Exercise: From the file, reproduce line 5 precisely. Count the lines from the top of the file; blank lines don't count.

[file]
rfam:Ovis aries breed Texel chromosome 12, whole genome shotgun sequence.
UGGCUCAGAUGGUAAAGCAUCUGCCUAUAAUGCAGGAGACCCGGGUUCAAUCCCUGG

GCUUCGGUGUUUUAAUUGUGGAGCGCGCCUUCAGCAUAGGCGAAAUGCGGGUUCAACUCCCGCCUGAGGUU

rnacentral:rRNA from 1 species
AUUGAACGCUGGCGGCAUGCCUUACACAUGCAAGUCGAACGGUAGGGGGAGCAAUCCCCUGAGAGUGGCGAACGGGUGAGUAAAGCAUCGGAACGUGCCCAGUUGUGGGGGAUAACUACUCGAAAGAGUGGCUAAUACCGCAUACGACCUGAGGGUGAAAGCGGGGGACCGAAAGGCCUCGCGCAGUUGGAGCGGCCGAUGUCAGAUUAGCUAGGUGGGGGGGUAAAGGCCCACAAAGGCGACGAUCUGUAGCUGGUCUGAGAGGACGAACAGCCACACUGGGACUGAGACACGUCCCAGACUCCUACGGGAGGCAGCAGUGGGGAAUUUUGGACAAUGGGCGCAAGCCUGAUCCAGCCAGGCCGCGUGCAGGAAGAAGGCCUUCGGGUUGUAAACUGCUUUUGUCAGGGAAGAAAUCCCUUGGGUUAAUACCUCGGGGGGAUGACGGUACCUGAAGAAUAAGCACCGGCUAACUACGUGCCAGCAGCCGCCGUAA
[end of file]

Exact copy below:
AUUGAACGCUGGCGGCAUGCCUUACACAUGCAAGUCGAACGGUAGGGGGAGCAAUCCCCUGAGAGUGGCGAACGGGUGAGUAAAGCAUCGGAACGUGCCCAGUUGUGGGGGAUAACUACUCGAAAGAGUGGCUAAUACCGCAUACGACCUGAGGGUGAAAGCGGGGGACCGAAAGGCCUCGCGCAGUUGGAGCGGCCGAUGUCAGAUUAGCUAGGUGGGGGGGUAAAGGCCCACAAAGGCGACGAUCUGUAGCUGGUCUGAGAGGACGAACAGCCACACUGGGACUGAGACACGUCCCAGACUCCUACGGGAGGCAGCAGUGGGGAAUUUUGGACAAUGGGCGCAAGCCUGAUCCAGCCAGGCCGCGUGCAGGAAGAAGGCCUUCGGGUUGUAAACUGCUUUUGUCAGGGAAGAAAUCCCUUGGGUUAAUACCUCGGGGGGAUGACGGUACCUGAAGAAUAAGCACCGGCUAACUACGUGCCAGCAGCCGCCGUAA